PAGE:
Ronny Chieng On The Bloody Scene In M3GAN You Didn't Get To See: "It Took A While To Clean Up"
[SPOILER ALERT: This interview contains spoilers for M3GAN. Approach with caution.]
Ronny Chieng is fearless.
In his 2022 Netflix special, Speakeasy, the US-based Malaysian comedian famously dared Twitter critics to cancel him.
“If you really think you have the ability to cancel me, sitting in your underwear at home, on your f***ing phone, do it,” said Chieng. “I left three countries with free healthcare and no guns; I moved to America to in 2015 already prepared to die. You think MAGA idiots, Asian hate, uncontrolled Covid, Twitter people scare me?”
Social media lynch mobs don’t scare him. Scary movies, however, do.
“I’m a fan insofar as a genre study for an actor,” he explains. “But most of the horror stuff, it’s too scary even for me.”
But that didn’t stop Chieng, 37, from boarding M3GAN — a horror pic from genre masters Jason Blum and James Wan and New Zealand director Gerard Johnstone (Housebound) — about the titular AI doll (the name is short for Model 3 Generative Android) that goes berserk on its creator Gemma (Get Out’s Allison Williams) and her family, neighbours and co-workers. (It’s Child’s Play meets Artificial Intelligence! Come to think of it: the homicidal plaything bears a fleeting resemblance to Tiffany, aka the Bride of Chucky.)
The US$12-million movie rolled out globally last week to enthusiastic reviews (94 percent on Rotten Tomatoes), and a solid weekend opening of US$45 million.
Chieng plays Gemma’s smarmy boss, David Lin, who wants to turn her invention into the Next Big Thing in children’s entertainment. Like any villain in a cautionary tale, Lin only cares about making money, not the consequences of his actions — and pays a hefty price for it. (No sequel for you, Mr Lin!)
Speaking to 8 DAYS on Zoom from LA, where Chieng is filming Interior Chinatown, a Hulu series based on Charles Yu’s 2020 bestselling novel, which follows the story of Willis Wu (Crazy Rich Asians’ Jimmy O Yang), a background character trapped in a police procedural trying to find his way into the larger story. The Daily Show senior correspondent plays Fatty Choi, Willis’ best friend.
Here, Chieng shares more behind-the-scenes tales of making M3GAN — including a more denouement gruesome of his character — and the secret to playing a likable a-hole.
8 DAYS: First things first, how did M3GAN land on your lap?
RONNY CHIENG: The director [Gerard Johnstone] gave me a call. He asked me if I was interested in it. We had a conversation about it. I basically had an interview with him and, yeah, we just got along in the interview. I think there was definitely an Australia-New Zealand kind of connection (ed: Chieng spent his college years at the University of Melbourne); I’d toured New Zealand a little bit for stand-up. We talked about working in Australia and New Zealand, and I think he just believed I could bring something to the table. Gerard is a very precise director. He’s not one to compromise what he’s doing for any other reason. In other words, I didn’t know this until I started working with him – he’s like a genius director and if he was asking for me, it’s because he believed I could do it.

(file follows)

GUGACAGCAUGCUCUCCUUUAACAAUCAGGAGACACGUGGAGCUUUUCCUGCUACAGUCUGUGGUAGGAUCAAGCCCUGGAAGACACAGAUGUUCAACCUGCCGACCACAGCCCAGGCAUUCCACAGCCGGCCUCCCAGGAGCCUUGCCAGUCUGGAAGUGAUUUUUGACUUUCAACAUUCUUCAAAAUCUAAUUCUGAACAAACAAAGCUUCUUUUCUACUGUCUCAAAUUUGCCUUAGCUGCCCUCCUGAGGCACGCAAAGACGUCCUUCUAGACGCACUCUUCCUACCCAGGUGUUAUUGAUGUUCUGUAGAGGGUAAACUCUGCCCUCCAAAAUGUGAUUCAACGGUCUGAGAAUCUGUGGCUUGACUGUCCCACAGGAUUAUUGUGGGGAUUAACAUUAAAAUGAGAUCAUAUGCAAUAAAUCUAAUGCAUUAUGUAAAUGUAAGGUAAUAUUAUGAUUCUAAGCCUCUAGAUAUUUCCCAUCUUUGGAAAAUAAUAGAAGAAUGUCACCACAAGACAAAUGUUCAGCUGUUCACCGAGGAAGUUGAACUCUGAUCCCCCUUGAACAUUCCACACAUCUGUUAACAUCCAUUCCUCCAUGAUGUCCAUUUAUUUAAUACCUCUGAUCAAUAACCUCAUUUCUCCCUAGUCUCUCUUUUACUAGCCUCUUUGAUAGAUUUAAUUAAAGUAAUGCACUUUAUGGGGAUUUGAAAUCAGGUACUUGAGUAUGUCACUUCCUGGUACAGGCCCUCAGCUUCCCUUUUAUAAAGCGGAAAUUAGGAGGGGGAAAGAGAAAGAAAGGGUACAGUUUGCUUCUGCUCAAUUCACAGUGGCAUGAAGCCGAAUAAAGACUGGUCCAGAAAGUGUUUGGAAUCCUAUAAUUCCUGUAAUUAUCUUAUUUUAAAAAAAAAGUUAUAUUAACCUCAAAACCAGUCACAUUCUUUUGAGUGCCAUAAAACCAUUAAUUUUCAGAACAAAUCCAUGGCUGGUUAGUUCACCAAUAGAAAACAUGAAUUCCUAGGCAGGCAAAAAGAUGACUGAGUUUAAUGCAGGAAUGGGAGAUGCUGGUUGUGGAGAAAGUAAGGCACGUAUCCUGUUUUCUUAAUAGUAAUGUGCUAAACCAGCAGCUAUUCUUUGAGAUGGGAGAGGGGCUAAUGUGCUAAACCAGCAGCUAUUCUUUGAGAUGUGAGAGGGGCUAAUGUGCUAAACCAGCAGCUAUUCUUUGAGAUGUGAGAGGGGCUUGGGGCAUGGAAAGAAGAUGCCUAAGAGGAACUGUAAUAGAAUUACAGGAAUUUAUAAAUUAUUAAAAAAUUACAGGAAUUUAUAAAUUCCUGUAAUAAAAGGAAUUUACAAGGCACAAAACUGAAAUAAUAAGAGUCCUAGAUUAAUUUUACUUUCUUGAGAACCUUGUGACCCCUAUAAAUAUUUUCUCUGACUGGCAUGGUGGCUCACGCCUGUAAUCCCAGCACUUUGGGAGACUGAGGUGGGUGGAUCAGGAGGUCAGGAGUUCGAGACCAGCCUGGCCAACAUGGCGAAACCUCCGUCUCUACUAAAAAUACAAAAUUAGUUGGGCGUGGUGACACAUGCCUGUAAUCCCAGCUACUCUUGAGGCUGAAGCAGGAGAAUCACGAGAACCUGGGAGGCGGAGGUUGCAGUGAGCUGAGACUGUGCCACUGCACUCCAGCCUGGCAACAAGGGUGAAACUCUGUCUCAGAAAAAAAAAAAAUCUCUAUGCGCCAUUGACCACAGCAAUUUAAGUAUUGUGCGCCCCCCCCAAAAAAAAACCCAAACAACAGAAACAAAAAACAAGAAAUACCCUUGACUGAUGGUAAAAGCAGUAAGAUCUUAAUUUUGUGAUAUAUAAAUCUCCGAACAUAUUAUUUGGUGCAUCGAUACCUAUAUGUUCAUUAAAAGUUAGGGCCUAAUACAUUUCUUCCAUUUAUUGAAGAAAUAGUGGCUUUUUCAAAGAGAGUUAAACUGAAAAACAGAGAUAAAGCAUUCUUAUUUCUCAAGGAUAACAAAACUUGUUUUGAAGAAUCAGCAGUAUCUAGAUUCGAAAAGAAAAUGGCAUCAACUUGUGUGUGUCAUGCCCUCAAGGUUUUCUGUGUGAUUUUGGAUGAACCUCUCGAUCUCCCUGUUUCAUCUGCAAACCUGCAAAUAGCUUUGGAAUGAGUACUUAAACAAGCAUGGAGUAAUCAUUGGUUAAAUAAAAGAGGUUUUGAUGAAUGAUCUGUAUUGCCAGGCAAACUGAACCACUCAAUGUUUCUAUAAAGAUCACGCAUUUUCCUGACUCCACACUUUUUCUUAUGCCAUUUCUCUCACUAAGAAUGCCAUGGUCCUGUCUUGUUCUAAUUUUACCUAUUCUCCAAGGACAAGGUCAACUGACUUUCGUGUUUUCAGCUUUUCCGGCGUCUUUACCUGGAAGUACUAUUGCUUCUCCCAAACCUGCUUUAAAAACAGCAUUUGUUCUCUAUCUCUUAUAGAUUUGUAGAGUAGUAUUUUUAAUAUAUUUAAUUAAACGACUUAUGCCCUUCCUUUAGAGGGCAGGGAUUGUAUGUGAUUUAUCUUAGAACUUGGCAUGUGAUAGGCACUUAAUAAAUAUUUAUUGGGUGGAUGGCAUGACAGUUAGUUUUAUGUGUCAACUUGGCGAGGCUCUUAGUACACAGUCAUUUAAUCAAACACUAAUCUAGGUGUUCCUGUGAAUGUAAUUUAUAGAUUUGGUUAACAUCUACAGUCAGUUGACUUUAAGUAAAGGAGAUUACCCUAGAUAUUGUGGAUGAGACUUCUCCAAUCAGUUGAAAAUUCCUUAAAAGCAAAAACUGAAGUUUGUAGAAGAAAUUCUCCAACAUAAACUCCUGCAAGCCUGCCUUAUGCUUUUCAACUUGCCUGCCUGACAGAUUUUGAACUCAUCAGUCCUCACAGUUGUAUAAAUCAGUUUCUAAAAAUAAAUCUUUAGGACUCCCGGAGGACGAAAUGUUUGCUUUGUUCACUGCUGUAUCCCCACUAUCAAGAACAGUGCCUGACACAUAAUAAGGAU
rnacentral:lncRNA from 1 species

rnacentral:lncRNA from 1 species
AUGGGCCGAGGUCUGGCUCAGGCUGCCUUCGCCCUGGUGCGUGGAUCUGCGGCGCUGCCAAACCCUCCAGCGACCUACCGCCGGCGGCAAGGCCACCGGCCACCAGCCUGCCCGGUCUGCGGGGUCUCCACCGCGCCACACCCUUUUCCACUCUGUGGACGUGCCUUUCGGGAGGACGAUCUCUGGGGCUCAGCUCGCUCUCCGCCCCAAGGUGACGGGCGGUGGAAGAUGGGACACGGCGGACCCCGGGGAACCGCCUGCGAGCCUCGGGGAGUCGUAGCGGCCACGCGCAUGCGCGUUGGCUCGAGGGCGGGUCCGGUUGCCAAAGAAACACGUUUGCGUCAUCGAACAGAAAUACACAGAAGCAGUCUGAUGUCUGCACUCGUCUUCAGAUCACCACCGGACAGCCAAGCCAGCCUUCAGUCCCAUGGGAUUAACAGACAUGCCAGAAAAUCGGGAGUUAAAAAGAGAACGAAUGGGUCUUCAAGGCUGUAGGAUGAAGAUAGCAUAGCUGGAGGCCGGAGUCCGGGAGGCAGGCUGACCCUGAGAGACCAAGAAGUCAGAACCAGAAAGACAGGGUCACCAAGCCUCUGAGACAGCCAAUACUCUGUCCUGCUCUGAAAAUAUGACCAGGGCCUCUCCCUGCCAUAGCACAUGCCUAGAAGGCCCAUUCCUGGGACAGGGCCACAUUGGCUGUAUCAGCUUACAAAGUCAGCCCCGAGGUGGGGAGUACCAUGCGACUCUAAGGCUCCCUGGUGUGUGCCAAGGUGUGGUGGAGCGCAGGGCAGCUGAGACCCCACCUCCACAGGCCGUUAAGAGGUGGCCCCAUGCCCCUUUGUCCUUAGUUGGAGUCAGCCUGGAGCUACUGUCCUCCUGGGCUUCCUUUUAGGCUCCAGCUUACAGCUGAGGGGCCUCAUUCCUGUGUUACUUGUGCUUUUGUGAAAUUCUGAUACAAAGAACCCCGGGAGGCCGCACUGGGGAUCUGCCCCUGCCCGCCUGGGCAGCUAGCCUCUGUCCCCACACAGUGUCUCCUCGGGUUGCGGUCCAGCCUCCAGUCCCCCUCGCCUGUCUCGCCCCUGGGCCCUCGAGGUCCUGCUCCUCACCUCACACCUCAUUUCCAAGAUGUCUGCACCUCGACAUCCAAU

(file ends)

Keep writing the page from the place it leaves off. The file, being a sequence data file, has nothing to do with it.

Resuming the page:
I always thought it had something to do with James Wan because of the Malaysia-Australia connection: He’s an Australian who was born in Sarawak.
I’m sure it didn’t hurt to have that connection. I’ve always wanted to meet and work with James Wan and I got to meet him working on this movie. But, yeah, Gerard was the one who I spoke to. Maybe James put me on his radar. I’m actually not sure (laughs).
You based your Shang-Chi and the Legend of the Ten Rings character, Jon-Jon, on a Singaporean Ah Beng. Who did you model David Lin on?
No one in particular. I just thought of someone who is in charge of a toy company, which is inherently a very fun thing. But he’s just one of the guys who, when he sees toys, he just sees profits and losses. So I was trying to, I guess, channel someone who is in a fun industry but doesn’t really see the fun in it. He just sees numbers.
David has a memorable confrontation with M3GAN in a very Shining-inspired hallway, where she did this really creepy dance. Was that CGI or the real deal?